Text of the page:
Most of the offshore oil and gas crews evacuated from the Gulf of Mexico ahead of Hurricane Isaac are back on the job, and the storm appears to have caused only minor damage to rigs and platforms, according to initial federal reports.
But more than 800,000 barrels, or about 58 percent, of daily oil production in the Gulf remains offline, the Bureau of Safety and Environmental Enforcement said Monday. About 1.7 billion cubic feet, or 39 percent, of daily natural gas production in the Gulf is still shut in.
That’s a significant improvement since last week, when as much as 95 percent of oil production and 72 percent of natural gas production went off line as Isaac barrelled down on the region.
Six rigs and 71 production platforms remain evacuated, less than 8 percent of the rig fleet and about 12 percent of the platforms stationed in the Gulf, according to the BSEE.
Of the 11 Gulf Coast refineries affected by Isaac-related flooding and power outages, one has returned to normal operation and nine others are restarting or operating at reduced rates, the U.S. Department of Energy reported Monday. Only Phillips 66’s refinery in Belle Chasse, La. remains shut down, with a capacity of 247,000 barrels per day.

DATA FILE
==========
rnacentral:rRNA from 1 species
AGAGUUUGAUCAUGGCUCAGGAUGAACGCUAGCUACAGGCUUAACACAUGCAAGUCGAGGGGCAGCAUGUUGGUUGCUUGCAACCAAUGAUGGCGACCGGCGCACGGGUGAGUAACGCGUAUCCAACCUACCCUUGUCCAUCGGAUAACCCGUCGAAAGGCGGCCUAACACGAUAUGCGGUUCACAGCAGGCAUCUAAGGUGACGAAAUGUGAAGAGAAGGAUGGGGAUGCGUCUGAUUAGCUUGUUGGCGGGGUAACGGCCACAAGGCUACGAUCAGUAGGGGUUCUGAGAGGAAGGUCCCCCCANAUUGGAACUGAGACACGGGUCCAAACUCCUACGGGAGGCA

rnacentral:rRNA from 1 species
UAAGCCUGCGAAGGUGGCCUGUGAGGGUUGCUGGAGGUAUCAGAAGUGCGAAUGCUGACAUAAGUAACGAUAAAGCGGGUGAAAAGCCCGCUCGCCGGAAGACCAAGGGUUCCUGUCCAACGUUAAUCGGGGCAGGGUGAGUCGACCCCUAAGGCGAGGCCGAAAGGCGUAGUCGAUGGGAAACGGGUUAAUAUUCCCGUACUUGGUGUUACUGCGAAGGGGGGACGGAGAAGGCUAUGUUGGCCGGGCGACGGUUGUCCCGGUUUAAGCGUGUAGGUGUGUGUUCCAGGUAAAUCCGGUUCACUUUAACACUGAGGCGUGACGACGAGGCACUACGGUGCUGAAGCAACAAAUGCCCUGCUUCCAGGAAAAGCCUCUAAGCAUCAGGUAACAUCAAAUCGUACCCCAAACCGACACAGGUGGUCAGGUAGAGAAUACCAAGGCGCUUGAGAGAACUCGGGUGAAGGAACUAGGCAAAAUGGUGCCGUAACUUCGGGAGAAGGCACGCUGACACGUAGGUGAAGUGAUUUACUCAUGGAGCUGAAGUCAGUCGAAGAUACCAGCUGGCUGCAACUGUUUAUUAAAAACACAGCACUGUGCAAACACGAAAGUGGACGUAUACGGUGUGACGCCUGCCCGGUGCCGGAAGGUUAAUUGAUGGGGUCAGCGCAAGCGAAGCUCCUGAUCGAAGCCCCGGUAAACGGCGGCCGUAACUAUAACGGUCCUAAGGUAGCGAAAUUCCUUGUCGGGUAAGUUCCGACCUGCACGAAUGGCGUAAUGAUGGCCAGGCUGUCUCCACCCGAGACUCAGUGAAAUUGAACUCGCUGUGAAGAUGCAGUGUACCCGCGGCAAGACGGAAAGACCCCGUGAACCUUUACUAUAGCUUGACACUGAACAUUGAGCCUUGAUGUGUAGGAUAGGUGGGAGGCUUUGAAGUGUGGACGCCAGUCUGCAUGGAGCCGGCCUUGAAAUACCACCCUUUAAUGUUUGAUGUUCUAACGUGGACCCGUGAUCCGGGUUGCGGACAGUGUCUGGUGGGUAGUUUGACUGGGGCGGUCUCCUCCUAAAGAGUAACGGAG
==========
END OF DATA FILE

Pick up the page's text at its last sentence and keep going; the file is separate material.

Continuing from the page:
The Gulf of Mexico is home to about 23 percent of the United States’ crude oil production. About 43 percent of the nation’s refining capacity is stationed along the Texas and Louisiana Gulf coasts.
Gasoline prices, which rose over the past week as Isaac slammed the fuel-producing region, hit a national average of $3.83 per gallon of regular on Monday, according to AAA. That’s up nearly 8 cents from a week ago and up 23 cents from a month ago.
Regular averaged $3.65 Monday in Houston, up 10 cents from a week earlier and 28 cents over the month.